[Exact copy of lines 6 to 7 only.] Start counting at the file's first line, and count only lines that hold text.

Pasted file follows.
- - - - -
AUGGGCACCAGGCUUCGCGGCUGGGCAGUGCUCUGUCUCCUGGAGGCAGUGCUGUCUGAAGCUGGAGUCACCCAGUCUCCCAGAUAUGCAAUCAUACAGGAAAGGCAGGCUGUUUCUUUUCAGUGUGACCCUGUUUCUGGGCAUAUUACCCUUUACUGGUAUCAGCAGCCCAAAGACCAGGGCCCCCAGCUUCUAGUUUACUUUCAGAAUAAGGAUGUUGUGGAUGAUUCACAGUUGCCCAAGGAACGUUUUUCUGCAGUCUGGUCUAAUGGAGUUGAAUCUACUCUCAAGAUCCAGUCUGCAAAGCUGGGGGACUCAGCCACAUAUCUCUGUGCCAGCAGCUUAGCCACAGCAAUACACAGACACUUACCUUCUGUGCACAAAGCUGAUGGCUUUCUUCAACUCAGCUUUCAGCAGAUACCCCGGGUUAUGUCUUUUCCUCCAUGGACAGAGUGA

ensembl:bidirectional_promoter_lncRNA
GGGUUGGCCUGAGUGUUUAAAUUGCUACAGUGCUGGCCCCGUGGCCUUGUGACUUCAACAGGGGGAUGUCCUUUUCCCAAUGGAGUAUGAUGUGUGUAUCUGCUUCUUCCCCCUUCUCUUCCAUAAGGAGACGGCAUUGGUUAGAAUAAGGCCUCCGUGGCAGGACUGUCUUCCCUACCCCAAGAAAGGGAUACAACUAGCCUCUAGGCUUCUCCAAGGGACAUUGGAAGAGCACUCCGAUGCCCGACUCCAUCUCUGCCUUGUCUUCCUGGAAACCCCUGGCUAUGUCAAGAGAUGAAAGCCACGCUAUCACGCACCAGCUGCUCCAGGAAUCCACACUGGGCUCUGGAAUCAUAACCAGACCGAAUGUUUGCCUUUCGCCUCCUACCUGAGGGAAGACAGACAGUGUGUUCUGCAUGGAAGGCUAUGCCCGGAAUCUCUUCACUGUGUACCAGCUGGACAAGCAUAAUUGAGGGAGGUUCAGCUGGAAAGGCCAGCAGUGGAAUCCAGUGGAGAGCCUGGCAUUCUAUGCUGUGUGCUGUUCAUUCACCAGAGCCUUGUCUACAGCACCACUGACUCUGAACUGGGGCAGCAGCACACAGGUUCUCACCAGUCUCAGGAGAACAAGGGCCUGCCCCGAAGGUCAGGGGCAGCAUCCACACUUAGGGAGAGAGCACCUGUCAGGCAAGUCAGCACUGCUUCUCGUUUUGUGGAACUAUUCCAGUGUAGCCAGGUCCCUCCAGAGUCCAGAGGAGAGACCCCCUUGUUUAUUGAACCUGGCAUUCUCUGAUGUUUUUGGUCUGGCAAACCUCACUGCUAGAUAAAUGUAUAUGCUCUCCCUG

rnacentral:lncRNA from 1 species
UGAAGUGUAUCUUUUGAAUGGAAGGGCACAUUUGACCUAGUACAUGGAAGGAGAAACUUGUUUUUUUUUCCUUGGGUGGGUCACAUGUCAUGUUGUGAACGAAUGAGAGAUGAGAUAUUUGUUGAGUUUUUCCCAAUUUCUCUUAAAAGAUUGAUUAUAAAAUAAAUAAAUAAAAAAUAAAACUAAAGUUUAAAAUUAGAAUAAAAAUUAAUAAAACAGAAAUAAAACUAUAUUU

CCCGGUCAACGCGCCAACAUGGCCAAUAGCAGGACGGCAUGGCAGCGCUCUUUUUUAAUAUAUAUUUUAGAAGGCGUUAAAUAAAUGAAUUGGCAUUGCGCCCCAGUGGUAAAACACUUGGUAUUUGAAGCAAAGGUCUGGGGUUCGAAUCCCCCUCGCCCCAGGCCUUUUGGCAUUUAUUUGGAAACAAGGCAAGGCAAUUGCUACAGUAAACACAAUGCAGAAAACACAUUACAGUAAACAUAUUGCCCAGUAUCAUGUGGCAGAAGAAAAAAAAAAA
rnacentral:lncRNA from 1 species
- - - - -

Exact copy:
CCCGGUCAACGCGCCAACAUGGCCAAUAGCAGGACGGCAUGGCAGCGCUCUUUUUUAAUAUAUAUUUUAGAAGGCGUUAAAUAAAUGAAUUGGCAUUGCGCCCCAGUGGUAAAACACUUGGUAUUUGAAGCAAAGGUCUGGGGUUCGAAUCCCCCUCGCCCCAGGCCUUUUGGCAUUUAUUUGGAAACAAGGCAAGGCAAUUGCUACAGUAAACACAAUGCAGAAAACACAUUACAGUAAACAUAUUGCCCAGUAUCAUGUGGCAGAAGAAAAAAAAAAA
rnacentral:lncRNA from 1 species